This is according to new research from leading independent equity release adviser Key Retirement Solutions.
The research shows that homeowners aged 65-plus gained a collective £7.94 billion in the past three months despite the continuing fragility of the wider housing market due in part to weak mortgage lending.
But there were losers as well as winners with retired homeowners in the North of England missing out with pensioners in the North East losing an average £5,484 and those in the North West suffering a £1,643 drop.
The biggest winners were over-65 homeowners in Scotland who gained around £12,353 on average while pensioners in the South West were £3,713 better off.
Key Retirement’s figures show nearly a third of property equity is owned by pensioners in London and the South East of England – in London over-65s own property without any mortgages worth £125.392 billion while in the South East pensioners own £124.9 billion of property without mortgages.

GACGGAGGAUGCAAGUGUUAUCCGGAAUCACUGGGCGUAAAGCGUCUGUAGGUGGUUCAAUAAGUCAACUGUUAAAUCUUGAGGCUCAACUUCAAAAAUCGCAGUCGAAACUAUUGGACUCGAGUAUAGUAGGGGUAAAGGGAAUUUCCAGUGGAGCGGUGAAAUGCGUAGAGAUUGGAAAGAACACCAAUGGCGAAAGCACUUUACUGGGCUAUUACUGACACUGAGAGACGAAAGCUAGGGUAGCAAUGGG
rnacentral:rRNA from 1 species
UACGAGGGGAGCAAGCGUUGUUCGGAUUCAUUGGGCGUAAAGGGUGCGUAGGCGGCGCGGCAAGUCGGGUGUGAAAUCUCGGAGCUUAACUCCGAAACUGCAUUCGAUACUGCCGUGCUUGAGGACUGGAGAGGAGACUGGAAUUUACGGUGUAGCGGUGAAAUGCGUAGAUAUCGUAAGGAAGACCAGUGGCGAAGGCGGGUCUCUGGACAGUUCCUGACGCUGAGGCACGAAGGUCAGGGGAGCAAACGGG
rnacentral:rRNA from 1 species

However property wealth is spread throughout Great Britain with retired homeowners in the South West holding 15.38% of the total housing equity stock and a total of £119.164 billion.
Dean Mirfin, group director at Key Retirement Solutions, said: “The housing market is fragile with the ongoing squeeze on mortgage lending hitting growth. However over-65 homeowners generally own their houses outright and have not been as affected as the rest of the market. Even those pensioners who have seen prices fall are still literally sitting on riches.
“The over-65s own considerable property wealth which represents a massive investment success as they no longer have mortgages and will have bought more than 25 years ago.
“Their property wealth represents an increasingly important potential source of income particularly when other sources of retirement income are under pressure from low interest rates, rising inflation and falling annuity rates.”